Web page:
The nature of a "bidding war" is that the buyers know what their competitors are offering. Multiple bidders can drive the price up, but collusion, fear of being outbid, or fear of over-paying can also keep prices down. Clearly, the distributors have become accustomed to paying pennies-on-the-dollar for movie rights acquired at festivals and markets. As Tom Ortenberg, president of Lions Gate Films Releasing, said in a conversation with indieWire, "We believe the economic model for producing arthouse films is a limited one. We've had great success acquiring specialized arthouse films at festivals for a fraction of the production cost and so, I would argue, in general, that the better economic model for arthouse films is acquiring them at festivals."

The trend of paying less than the movie cost to make comes at a time when the key distributors of independently produced movies are in fact divisions of the major studios: Miramax is owned by Disney, Fine Line is part of Time Warner/AOL, Good Machine has been absorbed into Universal, and so on and on. The paltry payments for independently produced pictures also come as marketing departments rely more on polls and focus groups. In recent years, Miramax has gained a reputation for asking filmmakers to re-cut movies based on these group endeavors. And, of course, Miramax has started producing larger budget pictures such as "Serendipity" and "The Four Feathers"--movies which are indistinguishable from routine studio fare.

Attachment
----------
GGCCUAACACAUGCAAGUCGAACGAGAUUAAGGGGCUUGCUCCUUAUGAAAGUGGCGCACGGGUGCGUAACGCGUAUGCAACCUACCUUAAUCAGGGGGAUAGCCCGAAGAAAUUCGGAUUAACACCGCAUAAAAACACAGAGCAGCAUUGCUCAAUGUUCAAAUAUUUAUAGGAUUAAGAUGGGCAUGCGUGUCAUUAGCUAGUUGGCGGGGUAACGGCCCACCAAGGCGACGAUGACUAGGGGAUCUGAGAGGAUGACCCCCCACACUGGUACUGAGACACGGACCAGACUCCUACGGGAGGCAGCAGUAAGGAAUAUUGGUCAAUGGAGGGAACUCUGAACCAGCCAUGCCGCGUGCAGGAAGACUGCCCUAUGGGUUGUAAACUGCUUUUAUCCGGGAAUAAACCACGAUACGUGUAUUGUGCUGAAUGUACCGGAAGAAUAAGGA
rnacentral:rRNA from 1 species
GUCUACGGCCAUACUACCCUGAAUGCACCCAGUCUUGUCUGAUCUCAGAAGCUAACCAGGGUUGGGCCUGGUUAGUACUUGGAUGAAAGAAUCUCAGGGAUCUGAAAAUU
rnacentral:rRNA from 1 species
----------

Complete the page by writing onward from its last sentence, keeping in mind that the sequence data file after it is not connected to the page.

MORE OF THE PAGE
At the same time, Miramax has begun to rely on expensive pre-release marketing for more and more of their movies. The patient build of a "platform" release is almost a lost art. Today, lower-budget independent films are often marketed as if they were studio pictures. Rather than being given a chance to build word-of-mouth, independent movies are being lumped together with studio movies. The rule is, "Open big or you're gone."

Miramax started this trend by spending huge amounts to market certain independent movies. But as they--and other distributors of small movies--have learned, this is a very risky game. While some small movies have benefited from expensive pre-release marketing, the broader result has been the closing of theatrical markets to movies that don't have $5-million budgets for splashy launches. The reality is that most specialty fare can't be marketed as if it were intended for a mass market.